Furthermore, the focusing error signal 39 outputted from the differential amplifier 28 is inputted to a phase compensation circuit 38. This phase compensation circuit 38 effects phase compensation by providing predetermined signal processing with respect to the focusing error signal 39. The phase compensation circuit 38 is connected to a third driving control circuit 40, and this driving control circuit 40 is connected to an actuator 41. The actuator 41 optically controls the focusing of the laser beam LB by moving the converging convex lens 16 of the relay lens 17 in the direction of the optical axis.

In this embodiment, the tracking control means provided in the fixed section has the lens for controlling tracking as the lens is moved in the direction perpendicular to that of the optical axis. This lens for tracking control is arranged to be supported by a resilient supporting member with a high rigidity so as to be movable in the direction perpendicular to that of the optical axis.

In FIGS. 1, 2, 7(a) and 7(b), reference numerals 80 and 90 denote a focus adjusting section and a tracking adjusting section, respectively.

As shown in FIGS. 1 to 3, the converging convex lens 16 for focus adjustment has its outer periphery secured to an annular focus bobbin 50. This annular focus bobbin 50 has an annular portion 51 shaped in a substantially U-shaped cross section. The outer periphery of the converting convex lens 16 is secured to an inner peripheral portion 51a of the annular portion 51, and a focus coil 52 is wound around an outer peripheral portion 51b of the annular portion 51. The focus bobbin 50 is arranged such that the outer peripheral portion 51b is supported by a first focus housing 54 disposed around the outer periphery of the focus bobbin 50, by means of two annular focus springs 53, so that the focus bobbin 50 is capable of moving in the direction of the optical axis by means of the two annular focus springs 53. Each of the focus springs 53 is formed in a configuration shown in FIG. 10. These focus springs 53 are arranged such that their inner peripheries are secured to the outer peripheral portion 51b of the annular portion 51 of the focus bobbin 50 in a spaced-apart relation with each other along the direction of the optical axis, and their outer peripheries are secured to the first focus housing 54.

The first focus housing 54 also serves as a magnetic circuit yoke, and an annular permanent magnet 55 is secured to an inner peripheral surface of the first focus housing 54. The magnetic flux of this permanent magnet 55 is adapted to cross the focus coil 52 wound around the focus bobbin 50, and as a predetermined current is allowed to flow across the focus coil 52, the converging convex lens 16 secured in the focus bobbin 50 can be moved in the direction of the optical axis. The first focus housing 54 has its axial end secured to a second focus housing 57, and this second focus housing 57 is mounted on a fixed base 56.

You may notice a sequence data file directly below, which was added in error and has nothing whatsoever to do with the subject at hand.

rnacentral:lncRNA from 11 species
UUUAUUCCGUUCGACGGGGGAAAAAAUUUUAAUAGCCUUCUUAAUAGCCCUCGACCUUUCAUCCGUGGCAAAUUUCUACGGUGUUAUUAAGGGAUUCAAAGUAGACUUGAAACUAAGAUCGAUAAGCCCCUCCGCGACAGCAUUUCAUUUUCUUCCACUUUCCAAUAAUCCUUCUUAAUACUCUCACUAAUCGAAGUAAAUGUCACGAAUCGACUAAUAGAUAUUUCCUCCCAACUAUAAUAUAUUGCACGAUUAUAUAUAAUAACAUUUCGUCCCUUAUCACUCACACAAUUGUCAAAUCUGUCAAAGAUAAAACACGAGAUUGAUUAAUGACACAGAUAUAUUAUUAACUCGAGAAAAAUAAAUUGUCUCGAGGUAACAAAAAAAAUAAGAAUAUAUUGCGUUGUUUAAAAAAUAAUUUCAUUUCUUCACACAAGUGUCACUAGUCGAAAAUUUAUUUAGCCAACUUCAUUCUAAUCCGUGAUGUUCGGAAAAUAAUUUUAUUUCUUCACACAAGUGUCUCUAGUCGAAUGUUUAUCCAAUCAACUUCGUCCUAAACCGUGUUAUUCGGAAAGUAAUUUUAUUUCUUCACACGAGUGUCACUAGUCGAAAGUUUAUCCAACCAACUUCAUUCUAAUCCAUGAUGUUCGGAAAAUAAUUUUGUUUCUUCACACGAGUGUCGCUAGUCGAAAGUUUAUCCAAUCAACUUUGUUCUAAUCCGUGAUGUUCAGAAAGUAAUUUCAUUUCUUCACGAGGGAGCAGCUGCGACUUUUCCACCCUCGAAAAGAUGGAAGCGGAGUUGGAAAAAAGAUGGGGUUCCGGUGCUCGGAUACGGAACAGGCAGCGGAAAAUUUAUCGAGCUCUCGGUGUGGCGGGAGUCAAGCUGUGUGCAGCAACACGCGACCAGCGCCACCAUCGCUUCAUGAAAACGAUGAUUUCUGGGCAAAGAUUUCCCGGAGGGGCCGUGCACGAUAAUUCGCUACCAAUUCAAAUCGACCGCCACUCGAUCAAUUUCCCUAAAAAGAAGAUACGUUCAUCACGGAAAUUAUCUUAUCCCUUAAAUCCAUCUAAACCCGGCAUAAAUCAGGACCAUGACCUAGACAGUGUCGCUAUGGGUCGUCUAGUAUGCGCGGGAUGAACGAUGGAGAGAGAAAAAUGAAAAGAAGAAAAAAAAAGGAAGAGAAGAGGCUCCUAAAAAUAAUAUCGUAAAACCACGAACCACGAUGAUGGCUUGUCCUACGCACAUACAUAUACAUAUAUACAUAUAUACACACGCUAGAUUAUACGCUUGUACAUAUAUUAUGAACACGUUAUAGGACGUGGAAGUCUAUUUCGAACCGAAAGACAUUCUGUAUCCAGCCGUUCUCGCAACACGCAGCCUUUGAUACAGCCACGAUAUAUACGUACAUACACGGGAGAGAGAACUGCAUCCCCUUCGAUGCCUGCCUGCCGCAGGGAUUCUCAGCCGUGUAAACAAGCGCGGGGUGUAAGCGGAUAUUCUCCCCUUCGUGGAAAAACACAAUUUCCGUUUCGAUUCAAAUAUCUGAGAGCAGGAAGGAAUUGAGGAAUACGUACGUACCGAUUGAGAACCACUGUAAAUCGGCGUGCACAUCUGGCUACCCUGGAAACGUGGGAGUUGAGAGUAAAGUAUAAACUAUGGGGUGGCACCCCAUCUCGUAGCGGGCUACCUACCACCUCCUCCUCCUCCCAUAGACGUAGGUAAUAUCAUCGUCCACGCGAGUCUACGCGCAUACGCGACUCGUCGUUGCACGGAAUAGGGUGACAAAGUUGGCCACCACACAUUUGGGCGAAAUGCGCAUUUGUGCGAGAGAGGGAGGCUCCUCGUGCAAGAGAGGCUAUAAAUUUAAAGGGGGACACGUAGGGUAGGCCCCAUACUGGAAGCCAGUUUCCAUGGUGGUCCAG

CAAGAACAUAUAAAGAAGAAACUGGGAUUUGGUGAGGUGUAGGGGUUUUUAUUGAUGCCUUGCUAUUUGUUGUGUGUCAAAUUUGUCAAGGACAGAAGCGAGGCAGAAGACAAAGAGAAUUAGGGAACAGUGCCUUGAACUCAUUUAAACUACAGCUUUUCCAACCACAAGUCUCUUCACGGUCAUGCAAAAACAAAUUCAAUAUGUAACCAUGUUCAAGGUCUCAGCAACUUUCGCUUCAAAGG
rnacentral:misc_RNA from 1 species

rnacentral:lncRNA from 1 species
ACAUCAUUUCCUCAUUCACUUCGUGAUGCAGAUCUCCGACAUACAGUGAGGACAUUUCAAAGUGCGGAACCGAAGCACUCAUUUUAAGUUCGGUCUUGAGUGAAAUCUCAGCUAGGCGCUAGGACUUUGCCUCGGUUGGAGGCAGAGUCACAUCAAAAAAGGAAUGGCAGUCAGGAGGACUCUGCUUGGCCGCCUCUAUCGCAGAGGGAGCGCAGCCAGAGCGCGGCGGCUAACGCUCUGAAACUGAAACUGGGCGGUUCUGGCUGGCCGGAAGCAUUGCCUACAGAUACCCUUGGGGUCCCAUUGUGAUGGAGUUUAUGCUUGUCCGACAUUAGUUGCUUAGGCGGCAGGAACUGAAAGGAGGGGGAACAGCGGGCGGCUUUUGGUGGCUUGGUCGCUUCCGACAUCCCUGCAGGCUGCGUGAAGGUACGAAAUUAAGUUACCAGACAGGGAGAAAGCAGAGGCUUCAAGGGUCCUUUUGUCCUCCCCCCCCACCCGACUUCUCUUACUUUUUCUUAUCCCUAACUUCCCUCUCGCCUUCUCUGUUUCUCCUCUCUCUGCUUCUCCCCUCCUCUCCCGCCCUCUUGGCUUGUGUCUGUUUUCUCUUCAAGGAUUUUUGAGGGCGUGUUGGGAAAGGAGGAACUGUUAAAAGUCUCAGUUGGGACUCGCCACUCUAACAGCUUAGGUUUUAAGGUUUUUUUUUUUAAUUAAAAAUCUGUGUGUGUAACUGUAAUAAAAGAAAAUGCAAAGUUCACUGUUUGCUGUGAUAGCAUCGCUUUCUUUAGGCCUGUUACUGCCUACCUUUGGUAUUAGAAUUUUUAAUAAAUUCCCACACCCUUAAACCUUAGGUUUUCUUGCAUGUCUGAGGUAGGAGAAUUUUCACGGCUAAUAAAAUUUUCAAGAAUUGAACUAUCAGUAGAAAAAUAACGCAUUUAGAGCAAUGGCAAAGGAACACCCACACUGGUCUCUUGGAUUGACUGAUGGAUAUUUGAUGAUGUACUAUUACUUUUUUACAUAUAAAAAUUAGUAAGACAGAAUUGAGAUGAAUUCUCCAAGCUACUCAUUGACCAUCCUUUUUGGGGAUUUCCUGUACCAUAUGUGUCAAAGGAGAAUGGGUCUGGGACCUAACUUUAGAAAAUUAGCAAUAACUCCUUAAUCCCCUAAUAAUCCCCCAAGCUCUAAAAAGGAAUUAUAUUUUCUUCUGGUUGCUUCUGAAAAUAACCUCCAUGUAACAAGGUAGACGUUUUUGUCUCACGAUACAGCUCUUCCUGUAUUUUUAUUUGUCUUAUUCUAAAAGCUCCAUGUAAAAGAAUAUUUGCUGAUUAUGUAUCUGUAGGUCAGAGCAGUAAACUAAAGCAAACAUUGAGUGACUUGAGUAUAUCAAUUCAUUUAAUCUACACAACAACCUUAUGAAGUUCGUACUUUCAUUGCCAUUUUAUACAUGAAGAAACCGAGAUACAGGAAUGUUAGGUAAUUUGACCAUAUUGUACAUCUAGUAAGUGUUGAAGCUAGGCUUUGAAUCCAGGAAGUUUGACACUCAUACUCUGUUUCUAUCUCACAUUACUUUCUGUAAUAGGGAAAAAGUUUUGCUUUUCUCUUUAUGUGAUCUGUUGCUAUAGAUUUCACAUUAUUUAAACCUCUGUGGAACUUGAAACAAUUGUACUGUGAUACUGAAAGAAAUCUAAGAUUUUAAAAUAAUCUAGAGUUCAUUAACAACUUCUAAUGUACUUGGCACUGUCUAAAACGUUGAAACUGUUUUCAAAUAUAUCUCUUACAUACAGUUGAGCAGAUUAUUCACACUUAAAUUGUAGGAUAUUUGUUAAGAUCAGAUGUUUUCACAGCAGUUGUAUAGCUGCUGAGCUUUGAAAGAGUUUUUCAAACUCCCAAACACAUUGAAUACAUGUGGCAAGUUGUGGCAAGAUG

Meanwhile, in the tracking adjustment means, as shown in FIGS. 1, 2 and 4, the diverging convex lens 15 is secured to a tracking bobbin 61. As shown in FIGS. 2 and 4, the tracking bobbin 61 comprises a central portion 61a formed in a square configuration and two pairs of legs 61b and 61c disposed at transversely opposite ends of the central portion 61a in such a manner as to project vertically away from each other, thereby forming a substantially H-shaped configuration as viewed from the front. The diverging convex lens 15 is secured in a circular opening 61d provided in the central portion 61a. A pair of tracking coils 62 are respectively wound around the legs 61b and 61c of the tracking bobbin 61. In addition, one ends of two resilient supporting members 63 are respectively secured to upper and lower ends of the central portion 61a of the tracking bobbin 61, as shown in FIG. 1. The other ends of these resilient supporting members 63 are secured to a tracking base 64 disposed on one side of the tracking bobbin 61 as viewed in the direction of the optical axis. The diverging convex lens 15 secured in the tracking bobbin 61 is capable of moving in the direction perpendicular to that of the optical axis via the two resilient supporting members 63.

The resilient supporting members 63 are formed of a resilient material having a high rigidity such as aluminum, copper, or stainless steel. The resilient supporting members 63 have an increased rigidity in such a manner that the basic frequency of vibrations becomes, for instance, 60 Hz or more.

A pair of viscoelastic members 70 capable of substantially attenuating vibrations are secured to the mutually opposing surfaces of the two resilient supporting members 63 between the tracking bobbin 61 and the tracking base 64 except for a portion where the laser beam passes through. As the viscoelastic members 70, a material such as silicone rubber, urethane rubber, or butyl rubber is used. However, any viscoelastic material has an effect in attenuating vibrations, so that the material of the viscoelastic members 70 is not restricted to those mentioned above.

Furthermore, as shown in FIGS. 2 and 4, a pair of magnetic circuit yokes 65 having an E-shaped configuration as viewed from the top are disposed on the upper and lower sides of the tracking bobbin 61, respectively. A central projection 65a of each of these magnetic circuit yokes 65 is disposed in such a manner as to be located between the mutually opposing legs 61b and the mutually opposing legs 61c of the tracking bobbin 61, respectively, as shown in FIG. 2. A pair of projections 65b at opposite ends of each of the magnetic circuit yokes 65 are disposed outside the opposing legs 61b and 61c of the tracking bobbin 61, respectively. In addition, a permanent magnet 66 is secured to an inner surface of each of the projections 65b at the opposite ends of the magnetic circuit yoke 65, and the magnetic flux of these permanent magnets 66 is adapted to cross the tracking coils 62 wound around the tracking bobbin 61. As a predetermined current is allowed to flow across the tracking coils 62, the diverging convex lens 15 secured to the tracking bobbin 61 can be moved in the direction perpendicular to that of the optical axis.